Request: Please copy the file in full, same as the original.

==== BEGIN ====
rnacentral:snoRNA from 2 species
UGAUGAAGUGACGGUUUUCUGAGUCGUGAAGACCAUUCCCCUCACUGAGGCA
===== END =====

rnacentral:snoRNA from 2 species
UGAUGAAGUGACGGUUUUCUGAGUCGUGAAGACCAUUCCCCUCACUGAGGCA